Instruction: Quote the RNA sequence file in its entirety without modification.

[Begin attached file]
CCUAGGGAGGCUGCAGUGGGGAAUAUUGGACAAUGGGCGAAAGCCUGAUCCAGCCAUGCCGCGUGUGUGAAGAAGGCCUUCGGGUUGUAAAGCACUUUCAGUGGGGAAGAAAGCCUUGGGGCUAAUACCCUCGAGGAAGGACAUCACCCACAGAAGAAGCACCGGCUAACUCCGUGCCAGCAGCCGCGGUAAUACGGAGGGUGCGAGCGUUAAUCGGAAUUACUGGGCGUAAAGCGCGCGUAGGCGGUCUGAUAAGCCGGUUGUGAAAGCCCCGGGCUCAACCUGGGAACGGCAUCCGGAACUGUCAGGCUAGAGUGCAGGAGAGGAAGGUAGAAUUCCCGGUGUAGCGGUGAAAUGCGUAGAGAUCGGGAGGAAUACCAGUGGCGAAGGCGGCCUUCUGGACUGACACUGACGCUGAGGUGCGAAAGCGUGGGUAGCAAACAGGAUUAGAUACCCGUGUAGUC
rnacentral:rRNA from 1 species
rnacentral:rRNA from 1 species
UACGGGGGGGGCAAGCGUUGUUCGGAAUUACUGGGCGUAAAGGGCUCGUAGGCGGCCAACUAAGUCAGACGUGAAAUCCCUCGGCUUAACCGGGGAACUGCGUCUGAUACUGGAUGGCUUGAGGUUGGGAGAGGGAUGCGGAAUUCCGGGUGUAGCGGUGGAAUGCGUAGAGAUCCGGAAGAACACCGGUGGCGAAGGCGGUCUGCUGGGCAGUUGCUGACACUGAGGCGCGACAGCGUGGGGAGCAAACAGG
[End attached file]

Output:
CCUAGGGAGGCUGCAGUGGGGAAUAUUGGACAAUGGGCGAAAGCCUGAUCCAGCCAUGCCGCGUGUGUGAAGAAGGCCUUCGGGUUGUAAAGCACUUUCAGUGGGGAAGAAAGCCUUGGGGCUAAUACCCUCGAGGAAGGACAUCACCCACAGAAGAAGCACCGGCUAACUCCGUGCCAGCAGCCGCGGUAAUACGGAGGGUGCGAGCGUUAAUCGGAAUUACUGGGCGUAAAGCGCGCGUAGGCGGUCUGAUAAGCCGGUUGUGAAAGCCCCGGGCUCAACCUGGGAACGGCAUCCGGAACUGUCAGGCUAGAGUGCAGGAGAGGAAGGUAGAAUUCCCGGUGUAGCGGUGAAAUGCGUAGAGAUCGGGAGGAAUACCAGUGGCGAAGGCGGCCUUCUGGACUGACACUGACGCUGAGGUGCGAAAGCGUGGGUAGCAAACAGGAUUAGAUACCCGUGUAGUC
rnacentral:rRNA from 1 species
rnacentral:rRNA from 1 species
UACGGGGGGGGCAAGCGUUGUUCGGAAUUACUGGGCGUAAAGGGCUCGUAGGCGGCCAACUAAGUCAGACGUGAAAUCCCUCGGCUUAACCGGGGAACUGCGUCUGAUACUGGAUGGCUUGAGGUUGGGAGAGGGAUGCGGAAUUCCGGGUGUAGCGGUGGAAUGCGUAGAGAUCCGGAAGAACACCGGUGGCGAAGGCGGUCUGCUGGGCAGUUGCUGACACUGAGGCGCGACAGCGUGGGGAGCAAACAGG